Next Article in Journal
Forgotten Nazi Forced Labour Camps: Arbeitslager Riese (Lower Silesia, SE Poland) and the Use of Archival Aerial Photography and Contemporary LiDAR and Ground Truth Data to Identify and Delineate Camp Areas
Next Article in Special Issue
The Impact of the Madden–Julian Oscillation on Cyclone Amphan (2020) and Southwest Monsoon Onset
Previous Article in Journal
A Hybrid Approach Combining Conceptual Hydrological Models, Support Vector Machines and Remote Sensing Data for Rainfall-Runoff Modeling
Previous Article in Special Issue
CYGNSS Surface Heat Flux Product Development

FluxSat: Measuring the Ocean–Atmosphere Turbulent Exchange of Heat and Moisture from Space

Farallon Institute, Petaluma, CA 94952, USA
Earth and Space Research, Seattle, WA 98105, USA
Department of Physical Oceanography, Woods Hole Oceanographic Institution, Woods Hole, MA 02543, USA
Jet Propulsion Laboratory, California Institute of Technology, Pasadena, CA 91109, USA
Department of Earth, Ocean and Atmospheric Science, Florida State University, Tallahassee, FL 32306, USA
Department of Ocean Sciences at the Rosenstiel School of Marine and Atmospheric Science, University of Miami, Miami, FL 33149, USA
Scripps Institution of Oceanography, University of California San Diego, La Jolla, CA 92093-0230, USA
Author to whom correspondence should be addressed.
Remote Sens. 2020, 12(11), 1796;
Received: 6 May 2020 / Revised: 27 May 2020 / Accepted: 28 May 2020 / Published: 3 June 2020
(This article belongs to the Special Issue Remote Sensing of Air-Sea Fluxes)
Recent results using wind and sea surface temperature data from satellites and high-resolution coupled models suggest that mesoscale ocean–atmosphere interactions affect the locations and evolution of storms and seasonal precipitation over continental regions such as the western US and Europe. The processes responsible for this coupling are difficult to verify due to the paucity of accurate air–sea turbulent heat and moisture flux data. These fluxes are currently derived by combining satellite measurements that are not coincident and have differing and relatively low spatial resolutions, introducing sampling errors that are largest in regions with high spatial and temporal variability. Observational errors related to sensor design also contribute to increased uncertainty. Leveraging recent advances in sensor technology, we here describe a satellite mission concept, FluxSat, that aims to simultaneously measure all variables necessary for accurate estimation of ocean–atmosphere turbulent heat and moisture fluxes and capture the effect of oceanic mesoscale forcing. Sensor design is expected to reduce observational errors of the latent and sensible heat fluxes by almost 50%. FluxSat will improve the accuracy of the fluxes at spatial scales critical to understanding the coupled ocean–atmosphere boundary layer system, providing measurements needed to improve weather forecasts and climate model simulations. View Full-Text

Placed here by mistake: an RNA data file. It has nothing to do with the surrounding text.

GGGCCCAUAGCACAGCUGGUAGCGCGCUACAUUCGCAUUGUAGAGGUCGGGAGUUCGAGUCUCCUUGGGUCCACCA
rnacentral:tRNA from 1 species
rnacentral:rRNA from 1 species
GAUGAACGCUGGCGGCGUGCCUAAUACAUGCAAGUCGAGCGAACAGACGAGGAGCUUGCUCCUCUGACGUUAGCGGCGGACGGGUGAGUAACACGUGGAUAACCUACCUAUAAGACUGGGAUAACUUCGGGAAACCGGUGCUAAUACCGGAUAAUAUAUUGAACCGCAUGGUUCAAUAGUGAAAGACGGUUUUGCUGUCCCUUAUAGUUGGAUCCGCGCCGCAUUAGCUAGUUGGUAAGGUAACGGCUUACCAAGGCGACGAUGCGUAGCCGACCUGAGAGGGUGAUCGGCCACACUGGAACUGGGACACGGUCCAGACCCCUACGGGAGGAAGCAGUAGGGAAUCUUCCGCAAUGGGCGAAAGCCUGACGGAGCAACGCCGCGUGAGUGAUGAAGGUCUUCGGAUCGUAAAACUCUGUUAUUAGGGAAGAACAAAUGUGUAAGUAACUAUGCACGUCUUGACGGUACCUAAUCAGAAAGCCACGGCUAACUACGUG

Keywords: air–sea interactions; mesoscale; fluxes air–sea interactions; mesoscale; fluxes
Show Figures

Figure 1

  • Externally hosted supplementary file 1
    Description: The scripts and data used to perform the analysis and generate this manuscript are available on and archived in Zenodo.
MDPI and ACS Style

Gentemann, C.L.; Clayson, C.A.; Brown, S.; Lee, T.; Parfitt, R.; Farrar, J.T.; Bourassa, M.; Minnett, P.J.; Seo, H.; Gille, S.T.; Zlotnicki, V. FluxSat: Measuring the Ocean–Atmosphere Turbulent Exchange of Heat and Moisture from Space. Remote Sens. 2020, 12, 1796.

AMA Style

Gentemann CL, Clayson CA, Brown S, Lee T, Parfitt R, Farrar JT, Bourassa M, Minnett PJ, Seo H, Gille ST, Zlotnicki V. FluxSat: Measuring the Ocean–Atmosphere Turbulent Exchange of Heat and Moisture from Space. Remote Sensing. 2020; 12(11):1796.

Chicago/Turabian Style

Gentemann, Chelle L., Carol Anne Clayson, Shannon Brown, Tong Lee, Rhys Parfitt, J. Thomas Farrar, Mark Bourassa, Peter J. Minnett, Hyodae Seo, Sarah T. Gille, and Victor Zlotnicki. 2020. "FluxSat: Measuring the Ocean–Atmosphere Turbulent Exchange of Heat and Moisture from Space" Remote Sensing 12, no. 11: 1796.

Find Other Styles
Note that from the first issue of 2016, MDPI journals use article numbers instead of page numbers. See further details here.

Article Access Map by Country/Region

Back to TopTop